Book: “Breweries of the Gold Country”
Authors: R. Scott Baxter and Kimberly J. Wooten
Publisher: Arcadia Publishing, 127 pages, February 2012
“Breweries of the Gold Country” by R. Scott Baxter and Kimberly J. Wooten takes the reader on a historic tour of breweries that existed along Highway 49. Along the way readers learn of numerous breweries that boomed during the Gold Rush only to bust come prohibition.
Most of these breweries that started popping up all over gold country beginning in the 1850s weren’t small operations either. They malted their own grain, used cellars and caves for fermentation and would grow to produce hundreds of thousands of gallons of beer by the end of the 19th century.
The book is mostly a collection of old photographs, advertisements and maps so it’s definitely a quick read. A picture may be worth a thousand words but it’s nice that the authors did the research to include informative captions for all of the images.
“Breweries of the Gold Country” is packed full with facts — some amusing, others intriguing. For example, did you know that brewing was part of everyday life for most settlers — especially those of German decent? Beer provided part of a day’s nutrition for the whole family — including children.
Beer was considered to be so healthy that a caption on a 1912 photograph from a mine rescue at Bunker Hill reads; “Rescue, cave-in at Bunker Hill Mine; men trapped 24 hours. Man drinking beer only one rescued.”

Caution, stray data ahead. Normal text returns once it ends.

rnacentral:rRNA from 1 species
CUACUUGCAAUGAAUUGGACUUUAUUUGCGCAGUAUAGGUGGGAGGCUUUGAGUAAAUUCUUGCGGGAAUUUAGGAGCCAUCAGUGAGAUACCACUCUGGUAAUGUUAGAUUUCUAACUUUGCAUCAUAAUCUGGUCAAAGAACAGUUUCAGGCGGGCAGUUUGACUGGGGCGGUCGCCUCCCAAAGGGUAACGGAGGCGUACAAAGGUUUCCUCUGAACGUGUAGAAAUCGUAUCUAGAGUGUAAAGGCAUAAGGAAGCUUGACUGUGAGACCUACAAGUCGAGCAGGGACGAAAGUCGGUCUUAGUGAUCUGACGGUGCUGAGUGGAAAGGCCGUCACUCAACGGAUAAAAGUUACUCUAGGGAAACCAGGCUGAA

After traveling up Highway 49 and learning of the many gold rush towns that had their own breweries, the reader arrives in El Dorado County. This chapter was the most interesting part of “Breweries of the Gold Country” — probably because that’s where we live and relics of our rich brewing history can be found all over the county. Baxter and Wooten are also keen to make note that El Dorado County is currently home to the most breweries in Gold Country.
Back in Gold Rush days the Mud Springs Brewery, Mountain Brewery, California Brewery (Zeisz), El Dorado Brewery and Greenwood Brewery served the needs of the local population.
The California Brewery was located on what is today known as upper Main Street in Placerville where there are still ruins and a carved stone sign with name Zeisz still legible.
A 1862 advertisement for The California Brewery reads “The best quality of lager beer always on hand. Families and others supplied with any size package desired.” They may have been making great beer, but it wasn’t enough to keep the brewery owner Jacob Zeisz from leaving his wife Dorothea and their 10 children for Bavaria, never to return. Dorothea Zeisz ran the brewery without him to support her family.
Local landmark the Fausel House, that was relocated a couple of years ago, was originally built as a home for Frederick Giebenhain and family. Giebenhain became the owner of the Mountain Brewery when he purchased it from William Krahner in 1857.
A photo from the El Dorado County Historical Museum shows the Giebenhain family and employees on the porch of the brewery drinking beer and one man with a tubular beaker that was used with a hydrometer to measure alcohol content. Who knew miners and pioneers had hydometers?
We can only imagine what the beer enjoyed by early pioneers tasted like. Judging from the number of breweries that existed during the Gold Rush we can assume their product was pretty tasty.
Pick up this book and travel back in time. When you return you’ll have a bounty of historical beer knowledge to be the ultimate beer week geek.